Monday, March 05, 2012

The Tawdry And Racist Political Career Of Patrick J. Buchanan

Right-wing political pundit Pat Buchanan recently expressed surprise that some believe Barack Obama has already clinched his re-election as president. Then he made a joke about Obama’s origins.  “A couple of months ago, Obama was so low in the polls even the Kenyans were saying he was born in the United States,” Buchanan quipped on the March 2 edition of Sean Hannity’s Fox News program (See the clip at 

In an earlier post, I discussed why Birtherism – the idea that President Obama is an illegal alien born in Kenya who is therefore ineligible to serve as president – is intrinsically racist.  Based on a blanket denial of inconvenient facts, including Obama’s 2008 release of his Hawaii birth certificate and his 2011 release of his “long form” certification of live birth – this conspiracy theory stems from the anxiety of right-wing whites who live mostly in former Confederate states.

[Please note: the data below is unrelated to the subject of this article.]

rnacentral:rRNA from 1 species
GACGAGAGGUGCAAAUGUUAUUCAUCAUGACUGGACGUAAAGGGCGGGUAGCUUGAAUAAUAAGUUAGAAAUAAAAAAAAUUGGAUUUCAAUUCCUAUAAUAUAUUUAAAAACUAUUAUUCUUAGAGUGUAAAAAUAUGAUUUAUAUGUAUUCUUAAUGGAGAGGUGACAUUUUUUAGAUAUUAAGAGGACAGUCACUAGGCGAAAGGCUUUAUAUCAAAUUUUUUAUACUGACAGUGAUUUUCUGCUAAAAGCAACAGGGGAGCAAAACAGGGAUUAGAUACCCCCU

Birthers fear they have “lost the country” to black and brown people, Muslims, gays and feminists.  To Birthers, the United States is a white country, built by white people, and the nation will only collapse in the hands of lesser people of color.

It is no surprise that Buchanan, even jokingly, would stoke these fears.  Frightening people about what an earlier generation of eugenicists called “a rising tide of color” has been the bread and butter of Buchanan’s long career as a politician and a pundit.